Friction and motion relationship

Friction - Concept, How it works, Real-life applications, Key terms

friction and motion relationship

What is friction? Friction is the resistance of motion when one object rubs against another. Anytime two objects rub against each other, they cause friction. Once in motion it is easier to keep it in motion than it was to get it started, indicating that the kinetic frictional force is less than the maximum static frictional force. Friction is the force that resists motion when the surface of one object comes into contact with the surface of another. In a machine, friction reduces the.

The fact is that force is so fundamental that it defies full explanation, except in terms of the elements that compose it, and compared to force, friction is relatively easy to identify. In fact, friction plays a part in the total force that must be opposed in order for movement to take place in many situations.

  • What is the relationship between friction and motion?
  • What is friction?
  • Friction Basics

So, too, does gravity—and gravity, unlike force itself, is much easier to explain. Since gravity plays a role in friction, it is worthwhile to review its essentials. Newton's first law of motion identifies inertia, a tendency of objects in the physical universe that is sometimes mistaken for friction.

When an object is in motion or at rest, the first law states, it will remain in that state at a constant velocity which is zero for an object at rest unless or until an outside force acts on it. This tendency to remain in a given state of motion is inertia.

friction and motion relationship

Inertia is not a force: Inertia is, however, a component of force, since mass is a measure of inertia. In the case of gravitational force, mass is multiplied by the acceleration due to gravity, which is equal to 32 ft 9. People in everyday life are familiar with another term for gravitational force: Weight, in turn, is an all-important factor in friction, as revealed in the three laws governing the friction between an object at rest and the surface on which it sits.

According to the first of these, friction is proportional to the weight of the object. That's why there are often so many accidents.

friction and motion relationship

Even though the friction of the brakes is still there, the brakes may be wet, and the wheels are not in as much contact with the ground. Cars hydroplane when they go too fast on puddles of water.

Physics for Kids: Friction

Friction and Gases Friction only happens with solid objects, but you do get resistance to motion in both liquids and gases. This doesn't involve sliding surfaces like friction does, but is instead the kind of resistance you get if you try to push your way through a crowd.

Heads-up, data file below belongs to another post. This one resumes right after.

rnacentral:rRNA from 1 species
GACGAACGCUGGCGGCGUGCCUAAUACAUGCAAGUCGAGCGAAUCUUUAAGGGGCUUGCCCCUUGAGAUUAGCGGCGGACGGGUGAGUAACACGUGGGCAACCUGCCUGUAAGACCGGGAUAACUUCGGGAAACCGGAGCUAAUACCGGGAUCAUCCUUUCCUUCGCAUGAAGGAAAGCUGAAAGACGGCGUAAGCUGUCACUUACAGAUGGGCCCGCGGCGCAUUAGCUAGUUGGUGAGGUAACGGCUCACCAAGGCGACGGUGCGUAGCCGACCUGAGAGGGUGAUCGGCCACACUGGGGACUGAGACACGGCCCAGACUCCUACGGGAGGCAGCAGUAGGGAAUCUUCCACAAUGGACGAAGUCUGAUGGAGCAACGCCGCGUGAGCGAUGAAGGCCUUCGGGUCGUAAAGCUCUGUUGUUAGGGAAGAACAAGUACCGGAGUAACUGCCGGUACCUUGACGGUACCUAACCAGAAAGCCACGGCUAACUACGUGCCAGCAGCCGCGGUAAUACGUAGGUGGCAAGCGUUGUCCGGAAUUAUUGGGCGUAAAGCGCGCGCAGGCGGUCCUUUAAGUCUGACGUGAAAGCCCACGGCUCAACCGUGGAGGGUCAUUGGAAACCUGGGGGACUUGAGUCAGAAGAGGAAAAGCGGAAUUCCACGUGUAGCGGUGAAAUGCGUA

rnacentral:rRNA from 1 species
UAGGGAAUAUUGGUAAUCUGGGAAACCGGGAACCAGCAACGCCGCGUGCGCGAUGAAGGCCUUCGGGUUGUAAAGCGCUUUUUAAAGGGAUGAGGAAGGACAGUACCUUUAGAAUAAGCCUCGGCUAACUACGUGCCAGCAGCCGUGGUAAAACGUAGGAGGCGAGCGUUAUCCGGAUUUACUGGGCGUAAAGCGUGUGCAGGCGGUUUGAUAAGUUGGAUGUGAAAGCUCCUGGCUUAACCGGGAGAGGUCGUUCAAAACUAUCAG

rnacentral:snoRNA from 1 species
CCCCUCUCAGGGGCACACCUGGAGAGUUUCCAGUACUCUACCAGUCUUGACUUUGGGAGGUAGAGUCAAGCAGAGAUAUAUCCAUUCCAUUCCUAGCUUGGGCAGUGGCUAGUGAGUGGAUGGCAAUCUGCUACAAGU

It's a colliding situation, not a sliding one. If the gas is air, this is referred to as air resistance. If you were in the space shuttle and re-entering the atmosphere, the bottom of the shuttle would be getting very hot.

friction and motion relationship

The collisions that occur between the molecules of the air being compressed by the shuttle, heat up the air AND the shuttle itself. The temperature on the top of the shuttle is also warm, but nowhere near the temperatures found on the bottom. Friction and Liquids Although liquids offer resistance to objects moving through them, they also smooth surfaces and reduce friction.

Liquids tend to get thinner less viscous as they are heated. However, the energy doesn't disappear. It changes from moving energy also call kinetic energy to heat energy. This is why we rub our hands together when it's cold. By rubbing them together we generate friction and, therefore, heat.

Air resistance and friction

The force F of friction pushes back on the block. Preventing Friction In some cases we want to prevent friction so it's easier to move. A good example of this is a ball or wheel.

They roll to help reduce friction.

friction and motion relationship

Another way to reduce friction is with a lubricant like grease or oil. Machines and engines use grease and oil to reduce friction and wear so they can last longer. Another way to reduce friction is to change the types of materials in contact with one another. For example, ice contacting with steel would produce less friction than rubber would on concrete. This is why ice skates slide so easily on the ice, but you don't slip when wearing rubber shoes on the sidewalk.

These different materials are said to have different "coefficients of friction".